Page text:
Kelly Bates hopes young people will do what he did not: stay in Lodi after high school.
The first-time candidate for Lodi City Council says creating jobs and keeping young people here will be two of his top priorities in office.
"This town is going to die if we don't have job growth," said the 57-year-old Stockton high school teacher, who left for college and work in Southern California after graduating from Lodi High School in 1969.
"You know how many leave this town after high school and never come back? Almost all of them," Bates added, finishing a pumpkin spice latte at the Downtown Starbucks last month. "I think we need to do something for the young people. A hook, something that would keep them here."
Hiring an economic development director for the city would be a start, he said. Pushing for a San Joaquin Delta College satellite campus and promoting the local wine industry are two other job creation paths, he said.
College trustees dropped plans for a Victor Road campus this summer. They've expressed some interest in looking at other sites for a campus in the Lodi area.
When it comes to leading a city, Bates acknowledges he's no expert.
Kelly Bates at a glanceAge: 57.
Family: Married to Karen; son Brett and daughter Annie.
Occupation: High school social science teacher.
Education: Degree in political science from California State University, Northridge; teaching credential from California State University, Stanislaus.
- Served one year as Stockton police officer.
- Field service worker for several years at Southern California
- Ran mortgage credit company in Stockton for five
- High school teacher at Stockton Unified School District, off
and on, since 1998.
Hobbies: Golf, bass fishing, travel.
He realizes Lodi's finances "are in trouble." But he's not sure where he'd trim expenditures.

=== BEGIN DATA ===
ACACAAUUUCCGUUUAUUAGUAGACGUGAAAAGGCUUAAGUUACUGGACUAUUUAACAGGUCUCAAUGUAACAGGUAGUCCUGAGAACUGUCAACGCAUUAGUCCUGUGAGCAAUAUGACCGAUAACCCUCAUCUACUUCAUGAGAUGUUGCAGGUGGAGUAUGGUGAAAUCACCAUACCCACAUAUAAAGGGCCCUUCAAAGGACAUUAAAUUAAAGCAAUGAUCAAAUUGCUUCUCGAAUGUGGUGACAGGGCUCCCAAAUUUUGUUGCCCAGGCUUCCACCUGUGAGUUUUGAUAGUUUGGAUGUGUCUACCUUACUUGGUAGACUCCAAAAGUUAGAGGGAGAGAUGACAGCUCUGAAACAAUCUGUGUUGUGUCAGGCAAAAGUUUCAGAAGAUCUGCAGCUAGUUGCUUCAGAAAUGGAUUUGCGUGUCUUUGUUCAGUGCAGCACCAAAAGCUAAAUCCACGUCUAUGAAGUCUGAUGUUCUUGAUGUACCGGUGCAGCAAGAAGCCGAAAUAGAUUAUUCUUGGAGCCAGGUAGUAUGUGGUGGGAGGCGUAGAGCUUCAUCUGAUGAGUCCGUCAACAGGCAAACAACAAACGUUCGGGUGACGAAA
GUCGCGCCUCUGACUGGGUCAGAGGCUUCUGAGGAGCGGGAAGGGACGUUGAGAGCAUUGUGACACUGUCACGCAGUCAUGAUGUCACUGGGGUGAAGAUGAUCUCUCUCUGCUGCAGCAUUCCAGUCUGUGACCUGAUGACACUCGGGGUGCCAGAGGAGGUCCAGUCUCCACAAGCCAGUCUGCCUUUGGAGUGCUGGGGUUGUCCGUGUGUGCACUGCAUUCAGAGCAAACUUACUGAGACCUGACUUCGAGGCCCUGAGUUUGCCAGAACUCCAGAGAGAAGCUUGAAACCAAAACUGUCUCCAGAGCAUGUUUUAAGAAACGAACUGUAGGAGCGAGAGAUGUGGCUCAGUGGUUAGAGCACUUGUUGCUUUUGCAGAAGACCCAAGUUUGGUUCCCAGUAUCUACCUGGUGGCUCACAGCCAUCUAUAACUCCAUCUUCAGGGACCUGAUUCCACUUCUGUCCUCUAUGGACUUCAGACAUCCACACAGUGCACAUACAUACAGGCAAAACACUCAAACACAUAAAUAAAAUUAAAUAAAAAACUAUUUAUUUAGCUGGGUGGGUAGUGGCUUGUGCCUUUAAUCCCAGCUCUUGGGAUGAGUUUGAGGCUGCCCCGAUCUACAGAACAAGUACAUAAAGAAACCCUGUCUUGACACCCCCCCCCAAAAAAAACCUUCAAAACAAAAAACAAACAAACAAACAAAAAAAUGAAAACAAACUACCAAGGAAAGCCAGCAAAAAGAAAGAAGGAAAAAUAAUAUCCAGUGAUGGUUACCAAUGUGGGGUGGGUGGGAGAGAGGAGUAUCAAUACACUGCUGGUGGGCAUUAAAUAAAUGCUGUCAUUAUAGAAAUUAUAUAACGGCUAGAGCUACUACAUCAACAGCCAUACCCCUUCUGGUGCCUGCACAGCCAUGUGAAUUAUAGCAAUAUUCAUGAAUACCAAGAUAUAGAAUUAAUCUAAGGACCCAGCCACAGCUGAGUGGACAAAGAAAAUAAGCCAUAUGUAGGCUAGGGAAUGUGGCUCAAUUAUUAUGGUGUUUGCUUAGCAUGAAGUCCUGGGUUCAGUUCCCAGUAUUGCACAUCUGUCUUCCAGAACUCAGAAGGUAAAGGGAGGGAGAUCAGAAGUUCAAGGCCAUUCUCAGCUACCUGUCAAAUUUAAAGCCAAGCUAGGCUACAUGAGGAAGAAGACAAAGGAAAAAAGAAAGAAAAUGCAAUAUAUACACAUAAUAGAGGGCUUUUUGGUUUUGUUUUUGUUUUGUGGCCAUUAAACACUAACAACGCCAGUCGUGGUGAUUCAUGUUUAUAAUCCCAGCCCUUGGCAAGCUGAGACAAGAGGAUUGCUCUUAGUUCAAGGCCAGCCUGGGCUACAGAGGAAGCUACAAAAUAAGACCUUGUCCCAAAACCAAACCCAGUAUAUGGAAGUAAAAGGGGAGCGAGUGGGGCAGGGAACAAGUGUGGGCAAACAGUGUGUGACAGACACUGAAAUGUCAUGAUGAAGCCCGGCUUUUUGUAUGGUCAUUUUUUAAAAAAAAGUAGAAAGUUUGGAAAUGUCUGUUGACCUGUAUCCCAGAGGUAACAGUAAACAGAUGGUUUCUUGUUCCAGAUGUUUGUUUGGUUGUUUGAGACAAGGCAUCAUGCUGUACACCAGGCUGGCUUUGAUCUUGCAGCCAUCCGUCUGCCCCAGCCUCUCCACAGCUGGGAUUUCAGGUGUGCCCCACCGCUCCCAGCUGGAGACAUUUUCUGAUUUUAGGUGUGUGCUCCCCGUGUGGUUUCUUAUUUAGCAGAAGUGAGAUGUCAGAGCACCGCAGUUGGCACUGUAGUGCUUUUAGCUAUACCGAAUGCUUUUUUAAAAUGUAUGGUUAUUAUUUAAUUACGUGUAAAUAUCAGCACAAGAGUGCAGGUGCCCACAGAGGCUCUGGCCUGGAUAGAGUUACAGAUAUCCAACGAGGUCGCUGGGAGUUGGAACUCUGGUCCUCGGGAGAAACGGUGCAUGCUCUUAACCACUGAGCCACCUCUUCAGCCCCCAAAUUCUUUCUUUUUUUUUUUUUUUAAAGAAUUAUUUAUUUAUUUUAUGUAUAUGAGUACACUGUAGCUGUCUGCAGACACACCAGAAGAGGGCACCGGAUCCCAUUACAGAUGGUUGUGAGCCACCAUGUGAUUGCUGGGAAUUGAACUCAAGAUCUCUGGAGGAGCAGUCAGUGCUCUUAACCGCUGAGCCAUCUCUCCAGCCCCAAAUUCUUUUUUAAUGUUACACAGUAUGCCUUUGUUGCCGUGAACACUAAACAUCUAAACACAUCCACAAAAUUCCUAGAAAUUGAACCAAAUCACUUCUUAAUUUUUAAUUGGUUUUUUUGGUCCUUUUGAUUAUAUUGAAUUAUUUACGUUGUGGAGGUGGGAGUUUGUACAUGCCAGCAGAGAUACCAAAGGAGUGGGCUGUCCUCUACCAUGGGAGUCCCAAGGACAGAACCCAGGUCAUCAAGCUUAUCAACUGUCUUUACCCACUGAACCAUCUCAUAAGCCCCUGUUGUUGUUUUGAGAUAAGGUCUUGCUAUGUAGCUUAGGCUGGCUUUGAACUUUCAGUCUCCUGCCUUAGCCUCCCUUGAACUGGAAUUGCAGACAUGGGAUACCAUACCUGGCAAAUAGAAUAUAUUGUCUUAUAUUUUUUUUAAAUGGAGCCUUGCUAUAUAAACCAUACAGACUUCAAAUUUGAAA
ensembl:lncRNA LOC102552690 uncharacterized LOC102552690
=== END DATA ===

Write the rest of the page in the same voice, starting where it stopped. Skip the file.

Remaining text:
Layoffs would be a last option, he said.
"In a pinch, yes, I guess you would have to cut services - not emergency services," he said, pausing. "Where do you cut services? Garbage?"
Bates has some leadership experience, serving a union stewardship at his job with Southern California Gas Company decades ago. He said he was also president of a pre-law club in college at California State University, Northridge.
He has not, however, served on any city of Lodi boards or commissions.
"I'm not going to tell you I know all the answers, but I listen well," he said.
When it comes to new development, Bates said the city must encourage smart growth. He elaborated that projects like office buildings or an expanded wine industry should be encouraged.
He opposed the council's recent vote to allow for a doubling of retail space at the Reynolds Ranch project.
And he said he's not in favor of the Wal-Mart Supercenter project. Other city leaders see the massive retail development as a way to boost sagging sales tax revenue.
"That's not what I mean by growth," Bates said. "It's kind of a Band-Aid on a bigger wound."
Another priority for Bates is public safety.
He said he supports putting a sales tax measure on a future ballot to raise money for law enforcement.
When it comes to establishing a greenbelt between Lodi and Stockton, Bates said he's not yet familiar with any specific plans.
Representatives from the city, property owners in the proposed greenbelt area and San Joaquin County leaders have held several meetings over the past year-and-a-half about an "AL-5 zoning" compromise plan.
That plan, which is still being studied, would allow property owners to build one new home for every five acres they own.
"I know that's a sensitive issue," Bates said. "I'd have to take a close look at it."